The Republic's economy may contract in some quarters and gross domestic product growth this year is likely to be at the lower end of the official forecast range, Minister for Trade and Industry (Trade) Lim Hng Kiang warned yesterday, citing weakness from recent data such as non-oil domestic exports.

"Our base-line projection is not an outright recession, but we cannot rule out the possibility that the economy will experience some quarters of negative growth on a quarter-on-quarter basis. But overall, we expect our economy to still grow at between 1 and 2 per cent, albeit on the lower end of the projection curve," Mr Lim said in Parliament yesterday, adding that the Government will update its economic growth forecast next month.

He was replying to a question from Marine Parade GRC MP Seah Kian Peng on whether a recession is imminent, given the deterioration in recent economic data. Non-oil domestic exports had plunged 10.6 per cent in July before turning flat in August.

The Government will continue to monitor the situation closely and stands ready to respond in the event of a downturn, Mr Lim said. "Depending on the nature and severity of the downturn, the Government is prepared to consider introducing a range of contingency measures, which could include broad-based as well as sector-specific measures.

"Companies adversely affected by the slowdown can also consider tapping on assistance measures that have already been put in place," Mr Lim said, highlighting Spring's SME Working Capital Loan scheme to help address cashflow concerns and growth-financing needs.

Mr Lim's remarks echoed those of Deputy Prime Minister Tharman Shanmugaratnam, who warned last month that growth will probably be at the lower end of the Government's forecast range, due to weakness expected in the second half of the year. The Republic's preliminary GDP data for the third quarter will be released on Friday.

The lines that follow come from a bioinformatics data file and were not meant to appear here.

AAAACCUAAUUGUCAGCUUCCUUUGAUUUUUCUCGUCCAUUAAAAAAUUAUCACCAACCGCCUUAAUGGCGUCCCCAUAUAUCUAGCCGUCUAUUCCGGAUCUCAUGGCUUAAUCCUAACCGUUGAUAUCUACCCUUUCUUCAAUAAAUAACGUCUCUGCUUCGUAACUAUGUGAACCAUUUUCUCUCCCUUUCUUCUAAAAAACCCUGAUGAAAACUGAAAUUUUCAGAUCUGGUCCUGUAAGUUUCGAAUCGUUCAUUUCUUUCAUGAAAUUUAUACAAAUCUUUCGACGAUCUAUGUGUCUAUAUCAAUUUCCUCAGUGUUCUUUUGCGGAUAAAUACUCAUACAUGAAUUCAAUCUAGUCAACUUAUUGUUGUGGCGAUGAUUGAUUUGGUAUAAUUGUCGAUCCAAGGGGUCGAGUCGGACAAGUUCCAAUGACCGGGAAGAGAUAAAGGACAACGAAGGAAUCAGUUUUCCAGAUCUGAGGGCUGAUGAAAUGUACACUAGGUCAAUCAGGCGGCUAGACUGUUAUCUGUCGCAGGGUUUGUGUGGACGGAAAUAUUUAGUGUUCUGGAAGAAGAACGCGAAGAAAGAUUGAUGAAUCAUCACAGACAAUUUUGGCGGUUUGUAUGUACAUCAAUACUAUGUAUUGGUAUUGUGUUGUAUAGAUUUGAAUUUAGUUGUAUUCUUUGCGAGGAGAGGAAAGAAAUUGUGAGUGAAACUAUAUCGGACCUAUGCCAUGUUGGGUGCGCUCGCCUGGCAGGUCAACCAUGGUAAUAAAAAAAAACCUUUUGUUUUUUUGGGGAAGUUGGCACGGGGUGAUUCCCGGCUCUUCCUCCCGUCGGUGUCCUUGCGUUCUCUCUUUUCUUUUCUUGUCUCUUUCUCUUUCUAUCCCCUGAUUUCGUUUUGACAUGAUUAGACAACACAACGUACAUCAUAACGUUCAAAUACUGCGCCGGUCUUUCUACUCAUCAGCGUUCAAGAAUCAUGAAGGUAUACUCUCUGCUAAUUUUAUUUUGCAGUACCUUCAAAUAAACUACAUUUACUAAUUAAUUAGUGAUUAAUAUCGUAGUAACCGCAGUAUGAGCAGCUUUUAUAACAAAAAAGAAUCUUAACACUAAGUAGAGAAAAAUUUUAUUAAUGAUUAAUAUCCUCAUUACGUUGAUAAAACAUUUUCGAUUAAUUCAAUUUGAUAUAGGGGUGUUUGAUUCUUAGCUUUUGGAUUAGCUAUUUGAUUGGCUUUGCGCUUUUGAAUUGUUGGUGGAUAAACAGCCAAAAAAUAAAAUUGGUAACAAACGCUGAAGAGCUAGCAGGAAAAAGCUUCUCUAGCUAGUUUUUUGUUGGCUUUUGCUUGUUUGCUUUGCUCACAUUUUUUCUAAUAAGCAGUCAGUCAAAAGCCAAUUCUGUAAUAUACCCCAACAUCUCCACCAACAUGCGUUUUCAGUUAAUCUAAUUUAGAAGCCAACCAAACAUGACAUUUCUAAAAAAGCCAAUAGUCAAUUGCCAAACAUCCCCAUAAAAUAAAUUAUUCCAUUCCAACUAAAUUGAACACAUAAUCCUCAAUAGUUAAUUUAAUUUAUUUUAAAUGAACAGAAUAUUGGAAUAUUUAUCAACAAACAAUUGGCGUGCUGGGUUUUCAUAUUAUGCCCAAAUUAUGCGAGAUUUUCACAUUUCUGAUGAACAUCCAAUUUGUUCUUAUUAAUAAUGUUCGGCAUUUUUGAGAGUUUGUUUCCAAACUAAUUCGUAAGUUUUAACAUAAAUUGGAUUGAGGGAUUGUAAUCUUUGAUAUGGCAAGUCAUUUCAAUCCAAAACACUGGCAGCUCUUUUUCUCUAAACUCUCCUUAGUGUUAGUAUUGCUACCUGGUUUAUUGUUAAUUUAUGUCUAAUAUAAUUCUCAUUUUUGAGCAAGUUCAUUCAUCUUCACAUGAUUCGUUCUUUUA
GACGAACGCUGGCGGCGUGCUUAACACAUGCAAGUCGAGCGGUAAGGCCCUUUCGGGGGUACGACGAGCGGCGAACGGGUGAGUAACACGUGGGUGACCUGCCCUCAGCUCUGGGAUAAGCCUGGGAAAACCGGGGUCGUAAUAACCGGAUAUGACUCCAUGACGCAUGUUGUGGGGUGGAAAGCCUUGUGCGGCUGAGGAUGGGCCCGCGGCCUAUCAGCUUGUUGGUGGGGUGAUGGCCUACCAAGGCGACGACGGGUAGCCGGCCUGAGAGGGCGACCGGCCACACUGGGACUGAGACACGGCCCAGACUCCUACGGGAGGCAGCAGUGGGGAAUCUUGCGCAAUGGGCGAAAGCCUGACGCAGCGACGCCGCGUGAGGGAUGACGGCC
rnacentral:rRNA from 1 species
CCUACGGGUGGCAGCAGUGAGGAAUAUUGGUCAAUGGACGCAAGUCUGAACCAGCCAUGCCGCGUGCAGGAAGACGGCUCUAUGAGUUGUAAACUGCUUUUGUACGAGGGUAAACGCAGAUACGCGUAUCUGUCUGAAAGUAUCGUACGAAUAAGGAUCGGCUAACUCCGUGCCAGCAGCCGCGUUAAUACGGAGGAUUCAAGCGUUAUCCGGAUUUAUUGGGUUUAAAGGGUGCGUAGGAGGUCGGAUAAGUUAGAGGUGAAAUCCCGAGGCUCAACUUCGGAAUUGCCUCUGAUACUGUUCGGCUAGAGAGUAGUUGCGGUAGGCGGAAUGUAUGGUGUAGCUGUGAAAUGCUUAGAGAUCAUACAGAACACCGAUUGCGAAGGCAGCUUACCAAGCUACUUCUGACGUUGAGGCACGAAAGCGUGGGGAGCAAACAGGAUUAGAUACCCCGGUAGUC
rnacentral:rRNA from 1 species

Some economists said a technical recession - two consecutive quarters of negative growth - could occur later this year or early next year. However, they have not made downward revisions to their growth forecasts for this year pending further economic data releases.

"The signal is mixed at the moment as the recent data have showed a slight improvement. If there is a likely quarter-on-quarter contraction, that puts the onus on the fourth quarter as the drop off the cliff. As noted, there are risk events in the coming months - United States elections and a possible Fed rate hike," said Ms Selena Ling, head of treasury research & strategy at OCBC Bank.

ANZ economist Ng Weiwen said: "If a recession is to happen, it would be technical. It could likely occur in the later part of the year or early next year. The ministers are trying to drill in that a growth below 2 per cent for Singapore is going to be the new normal. We will only consider revising our forecasts after the third-quarter advance estimates this Friday."

Both banks forecast Singapore's GDP growth at 1.9 per cent this year.

In his speech in Parliament yesterday, Minister for Trade and Industry (Industry) S Iswaran said there has been a strong take-up of Spring's loan schemes, with over S$1.2 billion worth of loans given to SMEs so far.

In April, the Government announced a grant budget of over S$2.3 billion under the Enterprise Development Fund for local companies to support efforts at the enterprise level to upgrade capabilities, automate processes and internationalise, he said.

In addition, the Government has already embarked on its S$4.5 billion Industry Transformation Programme, releasing two Industry Transformation Maps for the food services and retail sectors in recent months.

Source: Government of Singapore